Having bested his rivals, Chinese President Xi Jinping is primed to bolster his already considerable power as the ruling Communist Party begins its twice-a-decade national congress on October 18.
The Israeli military said it struck and destroyed an anti-aircraft battery deep in Syria on Monday after it had opened fire on Israeli jets flying over Lebanon—a rare incident of Syrian forces targeting Israeli planes in the years since Syria’s civil war began in 2011.
An immigration boom since 2000 has caused the number of immigrants in the United States, both legal and illegal and including U.S.-born children, to hit a record high of 60 million, according to a report by the Center for Immigration Studies.
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Austria is poised to lurch politically to the right after voters helped install a nationalist party in government.
Austria’s Interior Ministry says results from elections on October 15 show the center-right People’s Party, headed by Foreign Minister Sebastian Kurz, secured the most votes, putting the 31-year old on track to become Europe’s youngest leader. Interior Minister Wolfgang Sobotka said Mr. Kurz’s party received 31.4 percent of the vote, a gain of more than 7 percentage points from the 2013 election. Mr. Kurz described the jump in support as the biggest in party history.
Mogadishu, a city long accustomed to deadly bombings by terror group al-Shabab, was stunned by the force of Saturday’s blast. The explosion shattered hopes of recovery in an impoverished country left fragile by decades of conflict, and it again raised doubts over the government’s ability to secure the seaside city of more than 2 million people.
As California’s wildfires continue to leave destruction and death in their wakes, an Associated Press reporter offers a first-person view on what it is like to leave everything behind.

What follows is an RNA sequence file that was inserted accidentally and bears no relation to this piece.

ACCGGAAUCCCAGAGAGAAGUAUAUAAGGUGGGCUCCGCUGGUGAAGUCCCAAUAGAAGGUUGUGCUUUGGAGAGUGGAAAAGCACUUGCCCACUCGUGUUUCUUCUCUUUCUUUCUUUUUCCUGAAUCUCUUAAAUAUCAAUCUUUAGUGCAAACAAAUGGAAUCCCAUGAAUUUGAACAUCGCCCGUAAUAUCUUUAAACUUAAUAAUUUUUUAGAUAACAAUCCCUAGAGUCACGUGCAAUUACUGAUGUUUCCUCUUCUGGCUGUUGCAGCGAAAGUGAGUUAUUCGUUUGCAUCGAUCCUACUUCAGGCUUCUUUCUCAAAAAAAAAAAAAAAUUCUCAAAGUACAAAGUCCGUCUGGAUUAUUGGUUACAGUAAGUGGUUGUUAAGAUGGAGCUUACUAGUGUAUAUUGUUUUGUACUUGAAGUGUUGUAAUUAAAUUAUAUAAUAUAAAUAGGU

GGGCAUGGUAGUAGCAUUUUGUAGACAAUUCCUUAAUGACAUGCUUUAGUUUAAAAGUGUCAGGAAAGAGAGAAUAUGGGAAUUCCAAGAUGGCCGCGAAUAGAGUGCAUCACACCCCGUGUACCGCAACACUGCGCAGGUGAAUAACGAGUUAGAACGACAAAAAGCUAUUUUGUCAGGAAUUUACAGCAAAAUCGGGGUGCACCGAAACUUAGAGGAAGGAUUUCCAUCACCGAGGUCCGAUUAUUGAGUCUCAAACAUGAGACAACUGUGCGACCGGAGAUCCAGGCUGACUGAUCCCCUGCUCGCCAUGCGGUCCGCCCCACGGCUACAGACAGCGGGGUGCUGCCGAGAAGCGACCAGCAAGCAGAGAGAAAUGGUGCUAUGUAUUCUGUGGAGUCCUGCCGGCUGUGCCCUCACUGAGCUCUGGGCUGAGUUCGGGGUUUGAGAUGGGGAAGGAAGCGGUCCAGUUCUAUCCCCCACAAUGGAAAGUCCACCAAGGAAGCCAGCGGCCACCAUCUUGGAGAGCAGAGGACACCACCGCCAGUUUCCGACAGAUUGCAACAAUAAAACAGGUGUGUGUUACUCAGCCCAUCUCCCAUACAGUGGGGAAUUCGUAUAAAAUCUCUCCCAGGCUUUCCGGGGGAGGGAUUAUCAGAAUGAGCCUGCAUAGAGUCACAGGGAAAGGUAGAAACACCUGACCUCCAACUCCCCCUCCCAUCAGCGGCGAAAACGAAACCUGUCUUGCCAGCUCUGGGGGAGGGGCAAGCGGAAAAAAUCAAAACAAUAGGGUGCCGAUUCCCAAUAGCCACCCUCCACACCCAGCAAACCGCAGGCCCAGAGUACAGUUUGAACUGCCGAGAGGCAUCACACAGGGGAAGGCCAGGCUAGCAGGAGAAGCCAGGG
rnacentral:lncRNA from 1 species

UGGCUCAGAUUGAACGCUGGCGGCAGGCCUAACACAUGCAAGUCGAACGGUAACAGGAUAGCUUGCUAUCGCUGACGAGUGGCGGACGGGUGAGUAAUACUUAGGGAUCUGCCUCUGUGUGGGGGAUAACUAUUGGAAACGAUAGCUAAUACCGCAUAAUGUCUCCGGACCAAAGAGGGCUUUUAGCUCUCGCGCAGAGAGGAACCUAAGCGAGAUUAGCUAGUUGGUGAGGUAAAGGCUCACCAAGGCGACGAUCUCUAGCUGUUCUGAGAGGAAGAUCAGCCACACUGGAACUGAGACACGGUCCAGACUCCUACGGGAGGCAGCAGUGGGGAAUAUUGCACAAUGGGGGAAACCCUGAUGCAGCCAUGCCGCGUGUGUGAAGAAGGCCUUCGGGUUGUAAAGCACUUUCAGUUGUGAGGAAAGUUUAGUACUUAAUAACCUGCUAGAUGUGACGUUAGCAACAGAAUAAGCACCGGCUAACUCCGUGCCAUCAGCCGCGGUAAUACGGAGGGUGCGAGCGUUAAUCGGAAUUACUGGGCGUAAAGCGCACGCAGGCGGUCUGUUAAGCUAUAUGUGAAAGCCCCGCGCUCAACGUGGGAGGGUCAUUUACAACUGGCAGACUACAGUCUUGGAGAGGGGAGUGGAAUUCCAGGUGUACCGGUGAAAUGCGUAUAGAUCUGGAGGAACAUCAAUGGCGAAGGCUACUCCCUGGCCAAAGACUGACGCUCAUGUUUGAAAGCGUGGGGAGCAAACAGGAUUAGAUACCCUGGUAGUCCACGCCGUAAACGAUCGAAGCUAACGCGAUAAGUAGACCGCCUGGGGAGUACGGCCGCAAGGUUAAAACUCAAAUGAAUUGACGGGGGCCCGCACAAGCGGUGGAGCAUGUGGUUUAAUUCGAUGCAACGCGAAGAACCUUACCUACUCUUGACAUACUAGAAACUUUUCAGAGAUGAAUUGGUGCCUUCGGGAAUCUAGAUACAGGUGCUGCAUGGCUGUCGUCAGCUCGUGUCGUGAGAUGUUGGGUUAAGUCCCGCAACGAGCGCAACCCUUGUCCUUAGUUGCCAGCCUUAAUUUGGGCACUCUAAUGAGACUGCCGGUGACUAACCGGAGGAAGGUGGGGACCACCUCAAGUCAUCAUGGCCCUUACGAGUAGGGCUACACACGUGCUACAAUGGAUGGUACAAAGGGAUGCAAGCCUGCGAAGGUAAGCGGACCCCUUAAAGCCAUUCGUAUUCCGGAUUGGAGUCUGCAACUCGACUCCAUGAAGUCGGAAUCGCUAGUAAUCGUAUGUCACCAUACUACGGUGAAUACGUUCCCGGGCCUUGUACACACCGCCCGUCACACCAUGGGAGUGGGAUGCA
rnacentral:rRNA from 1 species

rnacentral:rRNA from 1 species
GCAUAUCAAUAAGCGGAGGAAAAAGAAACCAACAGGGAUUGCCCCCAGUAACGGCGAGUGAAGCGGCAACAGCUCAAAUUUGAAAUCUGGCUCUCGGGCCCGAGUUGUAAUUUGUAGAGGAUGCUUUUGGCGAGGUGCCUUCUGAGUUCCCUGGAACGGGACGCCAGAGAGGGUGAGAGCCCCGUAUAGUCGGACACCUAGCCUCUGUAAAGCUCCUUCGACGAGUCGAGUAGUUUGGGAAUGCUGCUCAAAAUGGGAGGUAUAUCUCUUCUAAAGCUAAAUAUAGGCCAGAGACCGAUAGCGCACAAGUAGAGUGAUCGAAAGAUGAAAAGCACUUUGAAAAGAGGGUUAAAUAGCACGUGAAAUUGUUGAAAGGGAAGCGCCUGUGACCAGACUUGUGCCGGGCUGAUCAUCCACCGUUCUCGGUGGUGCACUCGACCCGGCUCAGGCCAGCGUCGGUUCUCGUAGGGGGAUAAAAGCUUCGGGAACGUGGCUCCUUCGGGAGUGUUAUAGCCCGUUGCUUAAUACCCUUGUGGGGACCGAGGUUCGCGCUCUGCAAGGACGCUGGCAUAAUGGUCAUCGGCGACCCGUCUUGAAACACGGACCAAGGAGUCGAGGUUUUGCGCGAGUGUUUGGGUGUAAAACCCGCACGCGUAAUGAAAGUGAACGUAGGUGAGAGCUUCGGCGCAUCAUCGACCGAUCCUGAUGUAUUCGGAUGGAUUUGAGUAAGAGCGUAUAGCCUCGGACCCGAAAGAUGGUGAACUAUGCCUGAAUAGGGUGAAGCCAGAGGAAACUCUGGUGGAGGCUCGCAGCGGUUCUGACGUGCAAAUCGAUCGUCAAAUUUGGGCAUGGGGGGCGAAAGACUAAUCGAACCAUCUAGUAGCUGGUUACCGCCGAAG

President Donald Trump’s abrupt move to cut off federal payments to insurers jolted America’s health care and political worlds alike, threatening to boost premiums for millions, disrupt insurance markets and shove Republicans into a renewed civil war over their efforts to shred “Obamacare.”
Rising winds fanned the California wildfires again Saturday, forcing hundreds more people to flee from their homes in the state’s fabled wine country and threatening to undo the efforts of crews who have spent days trying to corral the flames behind firebreaks.
Catalonia’s leader faced mounting pressure Friday from all sides, with hardliners in the separatist movement demanding he declare independence from Spain once and for all. Spain’s government and the European Union, on the other hand, want him to abandon the secession plans altogether.
The United States announced October 12 it is pulling out of the UN’s educational, scientific and cultural agency because of what Washington sees as its anti-Israel bias and a need for “fundamental reform” in the agency.
Kenyan opposition leader Raila Odinga on Tuesday shocked the country by withdrawing his candidacy for the fresh presidential election ordered by the Supreme Court, saying the election commission has not made changes to avoid the “irregularities and illegalities” cited in the nullified August vote.
Iran on October 11 warned of a tough response if President Donald Trump presses ahead with his threats to scuttle the landmark 2015 nuclear deal.
Every time there’s a mass shooting, Adrian Littlefield relives the one that nearly killed him half a century ago when a sniper perched high in a tower fired down on a Texas college campus. There have been dozens of rampages since then, each one a reminder of how his life was forever changed by a stranger bent on mayhem.
The northeastern region of Catalonia, one of Spain’s autonomous regions, is threatening to declare its independence from Spain following a disputed referendum that, it says, gave it a mandate to break away.